But solar, wind, etc., don’t make enough electricity to power EVs right now! Your argument is invalid!
Yeah. It’s sad that the U.S. doesn’t have more renewable energy sources; I’ll give you that. But 47 countries currently get more than half of their energy from renewables. Five of those operate on 100% renewable energy: Albania, Congo, Iceland, Paraguay and Namibia.
And if you’re looking for bigger countries with more comparable industrial production and energy demands, Germany currently gets 46% of its energy from renewables — with solar making up 18% of that. And we all know how sunny Germany is…
At this point, we’re just arguing national energy policy, and this is an investing newsletter.
The market is only just starting to demand more renewable energy in the U.S., and this is a growing section of the energy market. It’s nothing short of a new energy revolution, and hydrogen is a critical factor in a multi-pronged approach.
The bottom line is that hydrogen energy technology is here now. It works with American conveniences, like filling up at the pump. It’s transitional — it’s Big Oil’s easy in on the green movement. And even dirty hydrogen is greener than traditional fuel sources.
But, hey … it’s your portfolio. Your investing dime. You do you. Thanks for coming to my Ted Talk.
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I hope you enjoyed that commercial break. Now back to the mailbag…
Thank you to Pat, Larry and the seemingly dozens of Davids who wrote in this week. Apparently, investors named “David” are our key demographic. Who knew?
If you don’t see your email below, you might’ve cursed too much for the powers that be, and we can’t publish that $#!& around here.
Or … hear me out on this one … maybe you didn’t write to us at all! Let’s fix that, shall we? Drop us a line at GreatStuffToday@BanyanHill.com anytime you get the inspiration to rant and rave away.
With that, to the inbox!
That’s right: We’re not out of the new energy woods yet. Though switching gears from hydrogen to talk about battery tech … it’s like talking about streaming Netflix, and someone brings up their LaserDisc collection. No offense, Pat.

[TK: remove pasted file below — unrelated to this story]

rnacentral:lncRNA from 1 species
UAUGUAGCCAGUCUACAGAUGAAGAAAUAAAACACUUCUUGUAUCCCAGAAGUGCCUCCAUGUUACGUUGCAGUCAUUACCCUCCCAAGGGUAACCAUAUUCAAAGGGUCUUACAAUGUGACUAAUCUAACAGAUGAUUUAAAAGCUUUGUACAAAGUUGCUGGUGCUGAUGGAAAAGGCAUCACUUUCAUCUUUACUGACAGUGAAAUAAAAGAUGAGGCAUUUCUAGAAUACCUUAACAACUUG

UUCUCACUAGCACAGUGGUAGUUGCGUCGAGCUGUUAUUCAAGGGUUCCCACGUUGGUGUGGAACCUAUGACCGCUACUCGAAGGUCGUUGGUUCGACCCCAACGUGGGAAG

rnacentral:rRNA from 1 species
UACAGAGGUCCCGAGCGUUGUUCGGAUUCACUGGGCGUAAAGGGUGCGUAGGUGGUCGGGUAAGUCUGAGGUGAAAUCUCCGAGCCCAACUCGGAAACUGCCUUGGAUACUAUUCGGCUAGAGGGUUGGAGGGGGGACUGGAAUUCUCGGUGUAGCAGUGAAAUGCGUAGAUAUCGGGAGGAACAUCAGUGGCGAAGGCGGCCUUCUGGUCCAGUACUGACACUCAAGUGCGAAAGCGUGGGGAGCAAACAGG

It’s just that batteries are the “now” and hydrogen in the future (see above).
Now, reading through Hyliion’s (NYSE: HYLN) press release on the battery doesn’t exactly thrill me, and I understand why HYLN didn’t react much on the news. That touted “eight-minute charge time,” for starters. Are we talking a full recharge? Or just enough to wet the whistle? And how big of a battery are we recharging? What’s the range?
I feel that if Hyliion meant “fully recharged in eight minutes,” it would’ve said so. That kind of charging speed would turn every non-hydrogen EV maker upside down.
Why isn’t Hyliion bragging it up, then? Reading between the lines of EV marketing, this means eight minutes is likely not for a full charge. And the short story is that, while improving existing battery cell tech … this is still battery cell tech.
Sure, Hyliion’ better than what’s out there (especially when you consider Hyliion’s targeting larger trucks), but is it game-changing? It remains to be seen. That’s more what Hyzon is doing — moving away from battery reliance altogether.
Now, some self-critical part of me wants to remind you that we’re not battery experts here, by any means. But I do know when there’s hype without fire — er, smoke without hype. You know what I mean.
That’s to say, everyone thinks their new shtick is a game-changer. Why do you think I named this Great Stuff after all?
Ah Yes, Those Reddit Folks Again
Can’t get enough Great Stuff!!!